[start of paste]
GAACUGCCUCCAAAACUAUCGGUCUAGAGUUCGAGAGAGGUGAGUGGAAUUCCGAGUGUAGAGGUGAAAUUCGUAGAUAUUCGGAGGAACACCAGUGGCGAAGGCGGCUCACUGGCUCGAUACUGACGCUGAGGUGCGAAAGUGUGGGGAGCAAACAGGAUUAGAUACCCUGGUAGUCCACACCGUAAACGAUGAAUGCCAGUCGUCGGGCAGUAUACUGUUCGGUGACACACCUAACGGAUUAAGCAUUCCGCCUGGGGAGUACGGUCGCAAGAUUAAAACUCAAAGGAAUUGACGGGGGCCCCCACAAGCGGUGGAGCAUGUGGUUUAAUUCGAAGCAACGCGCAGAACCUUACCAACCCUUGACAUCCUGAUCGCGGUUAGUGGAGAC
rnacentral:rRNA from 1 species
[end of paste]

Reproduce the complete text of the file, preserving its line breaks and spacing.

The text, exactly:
GAACUGCCUCCAAAACUAUCGGUCUAGAGUUCGAGAGAGGUGAGUGGAAUUCCGAGUGUAGAGGUGAAAUUCGUAGAUAUUCGGAGGAACACCAGUGGCGAAGGCGGCUCACUGGCUCGAUACUGACGCUGAGGUGCGAAAGUGUGGGGAGCAAACAGGAUUAGAUACCCUGGUAGUCCACACCGUAAACGAUGAAUGCCAGUCGUCGGGCAGUAUACUGUUCGGUGACACACCUAACGGAUUAAGCAUUCCGCCUGGGGAGUACGGUCGCAAGAUUAAAACUCAAAGGAAUUGACGGGGGCCCCCACAAGCGGUGGAGCAUGUGGUUUAAUUCGAAGCAACGCGCAGAACCUUACCAACCCUUGACAUCCUGAUCGCGGUUAGUGGAGAC
rnacentral:rRNA from 1 species